A preliminary student discipline report on the 2010-11 school year was shared with the Board of Education Thursday, July 28. Data showed a decrease in in-school (ISS) and out-of-school suspensions (OSS) for the 2010-11 school year. Increases were noted in possession of a non-firearm weapon and verbal/physical assaults on staff. The data is gathered as part of an annual report to the North Carolina Department of Public Instruction.
Some increases in data are due changes in how offenses are reported. The state added 11 new reporting categories for the 2010-11 school year; some categories are for relatively minor offenses. North Carolina General Statute 115C-288(g) also requires that principals immediately report certain serious acts of crime and/or violence to law enforcement, often referred to as the “16 reportable acts or offenses.”
“While we’re pleased that we have made significant progress in some key areas, this report shows we still have more work to do with our students and staff,” said Gwen Willis, chief student services officer. “We believe that by partnering with school personnel, students and parents, we are providing a safe and positive learning environment in our schools.”
During the last year, principals and staff received more training about school safety and student discipline, and the district moved to a uniform reporting system to improve data collection and analysis. This change in the district’s reporting system resulted in an increase in the number of reported incidents and offenses. However, there was still a significant decrease in the number of in-school and out-of-school suspensions.
Offenses resulting in OSS decreased from 10,974 in 2009-10 to 10,896 in 2010-11. Three years ago, offenses resulting in OSS totaled more than 12,000 offenses. Offenses resulting in ISS showed even more progress. In 2009-10, ISS totaled 12,021 and decreased to 10,825 in 2010-11. Data also showed that African-American students were suspended more often than any other student group, an issue the district is addressing in variety of ways.
Individual schools showed improvements in out-of-school suspensions, including Aycock Middle and Northeast High. At Aycock, the number of suspensions decreased from 208 in 2009 to 145 in 2010 and 101 in 2011. Northeast High showed a decrease of nearly 100 suspensions in one year – from 394 in 2010 to 299 in 2011. Both schools addressed the issues of school discipline openly to their students, staff and parents, and encouraged a responsible and respectful school culture and parent involvement.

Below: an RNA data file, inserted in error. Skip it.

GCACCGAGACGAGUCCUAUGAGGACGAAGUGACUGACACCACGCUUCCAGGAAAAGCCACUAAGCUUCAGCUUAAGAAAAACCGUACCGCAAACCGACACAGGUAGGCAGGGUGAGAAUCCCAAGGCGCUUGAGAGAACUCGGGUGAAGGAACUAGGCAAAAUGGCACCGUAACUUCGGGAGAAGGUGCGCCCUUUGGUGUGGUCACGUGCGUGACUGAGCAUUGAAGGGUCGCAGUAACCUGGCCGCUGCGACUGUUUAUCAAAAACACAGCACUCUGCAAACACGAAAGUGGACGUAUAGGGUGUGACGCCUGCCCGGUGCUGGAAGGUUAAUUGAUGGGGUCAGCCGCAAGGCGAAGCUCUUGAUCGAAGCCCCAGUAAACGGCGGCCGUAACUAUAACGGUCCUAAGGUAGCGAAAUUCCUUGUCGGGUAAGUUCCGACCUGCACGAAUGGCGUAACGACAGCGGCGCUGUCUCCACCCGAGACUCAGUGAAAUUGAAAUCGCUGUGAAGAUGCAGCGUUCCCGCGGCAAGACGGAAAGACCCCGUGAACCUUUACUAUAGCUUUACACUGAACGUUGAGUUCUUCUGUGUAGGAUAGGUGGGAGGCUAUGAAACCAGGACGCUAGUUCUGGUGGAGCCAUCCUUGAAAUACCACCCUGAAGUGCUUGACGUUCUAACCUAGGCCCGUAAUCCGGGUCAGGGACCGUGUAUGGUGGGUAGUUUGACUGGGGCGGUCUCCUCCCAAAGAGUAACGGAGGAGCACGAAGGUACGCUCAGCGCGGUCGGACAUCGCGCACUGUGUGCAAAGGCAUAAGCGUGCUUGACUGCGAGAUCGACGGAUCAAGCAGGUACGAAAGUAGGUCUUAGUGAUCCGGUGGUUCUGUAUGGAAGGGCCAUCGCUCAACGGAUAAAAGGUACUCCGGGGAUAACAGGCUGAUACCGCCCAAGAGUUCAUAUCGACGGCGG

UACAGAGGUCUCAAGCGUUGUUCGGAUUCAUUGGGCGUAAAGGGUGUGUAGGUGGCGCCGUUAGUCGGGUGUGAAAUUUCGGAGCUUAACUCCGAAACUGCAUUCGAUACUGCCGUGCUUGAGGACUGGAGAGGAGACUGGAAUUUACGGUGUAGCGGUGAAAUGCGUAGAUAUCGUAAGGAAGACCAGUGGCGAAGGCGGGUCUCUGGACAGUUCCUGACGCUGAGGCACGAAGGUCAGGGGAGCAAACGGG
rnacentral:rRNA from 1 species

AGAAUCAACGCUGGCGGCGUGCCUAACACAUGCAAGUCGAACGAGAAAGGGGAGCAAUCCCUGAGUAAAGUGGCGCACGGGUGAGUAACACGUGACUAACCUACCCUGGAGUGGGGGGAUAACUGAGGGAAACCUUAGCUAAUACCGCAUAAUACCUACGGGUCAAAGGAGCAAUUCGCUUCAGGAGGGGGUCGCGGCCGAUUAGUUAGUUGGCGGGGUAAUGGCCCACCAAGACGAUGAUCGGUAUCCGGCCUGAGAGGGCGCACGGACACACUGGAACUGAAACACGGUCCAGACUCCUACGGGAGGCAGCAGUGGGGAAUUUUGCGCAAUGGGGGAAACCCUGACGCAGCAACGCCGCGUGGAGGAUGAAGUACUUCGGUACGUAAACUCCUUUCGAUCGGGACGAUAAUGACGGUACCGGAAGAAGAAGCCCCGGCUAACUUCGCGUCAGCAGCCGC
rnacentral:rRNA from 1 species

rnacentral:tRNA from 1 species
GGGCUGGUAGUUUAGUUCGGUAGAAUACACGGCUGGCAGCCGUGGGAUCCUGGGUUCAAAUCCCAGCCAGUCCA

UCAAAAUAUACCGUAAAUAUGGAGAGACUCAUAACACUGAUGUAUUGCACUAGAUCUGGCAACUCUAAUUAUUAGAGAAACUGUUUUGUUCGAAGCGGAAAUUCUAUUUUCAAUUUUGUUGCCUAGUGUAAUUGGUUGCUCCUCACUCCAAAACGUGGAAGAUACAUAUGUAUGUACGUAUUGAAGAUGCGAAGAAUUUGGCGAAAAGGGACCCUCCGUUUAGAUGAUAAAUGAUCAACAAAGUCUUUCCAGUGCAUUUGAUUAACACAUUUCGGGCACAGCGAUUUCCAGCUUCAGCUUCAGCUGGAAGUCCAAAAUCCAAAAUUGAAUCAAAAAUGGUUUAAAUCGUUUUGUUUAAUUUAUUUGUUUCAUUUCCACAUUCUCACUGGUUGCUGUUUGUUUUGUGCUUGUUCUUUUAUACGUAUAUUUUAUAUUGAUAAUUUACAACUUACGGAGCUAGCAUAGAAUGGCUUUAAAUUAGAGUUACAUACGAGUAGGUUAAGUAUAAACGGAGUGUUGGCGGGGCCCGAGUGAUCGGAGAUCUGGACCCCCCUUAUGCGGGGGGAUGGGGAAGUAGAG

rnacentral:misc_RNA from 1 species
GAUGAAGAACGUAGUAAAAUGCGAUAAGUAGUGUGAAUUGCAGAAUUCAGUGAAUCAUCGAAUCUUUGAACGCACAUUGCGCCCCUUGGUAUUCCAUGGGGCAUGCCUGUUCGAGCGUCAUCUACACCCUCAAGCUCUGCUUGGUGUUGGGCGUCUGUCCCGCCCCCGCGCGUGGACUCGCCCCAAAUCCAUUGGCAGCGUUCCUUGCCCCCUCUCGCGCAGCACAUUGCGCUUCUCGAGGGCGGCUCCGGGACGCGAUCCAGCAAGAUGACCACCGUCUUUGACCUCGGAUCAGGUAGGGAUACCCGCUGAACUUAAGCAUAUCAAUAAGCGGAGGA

The district addresses school safety in Area V – Safe Schools and Character Development of the strategic plan. The preliminary 2010-11 student discipline data report indicates the district exceeded expectations for Goal V.D., decreasing the number of overall out-of-school suspensions related to non-compliance and discourteous acts by 15 percent. However, the district has not made adequate progress toward Goal V.E., decreasing the number of state reportable incidents of inappropriate behavior per 1,000 students by 10 percent.
GCS promotes school safety through school-based intervention and prevention programs. Positive Behavioral Interventions and Supports (PBIS) is currently used in 50 schools. It is a school-wide program that sets common expectations for behavior. PBIS focuses on creating and sustaining school environments that encourage appropriate conduct from all students and positive staff-to-student interactions. Data is used continuously to evaluate the behavior support systems.
Student-led S.M.A.R.T. teams in middle and high schools also hold activities and events to help promote a drug-free environment in their school. Trainings for parents have also been offered through Guilford Parent Academy and will continue to be offered this fall. Many schools also have Student Human Relations Commissions that provide programs for students.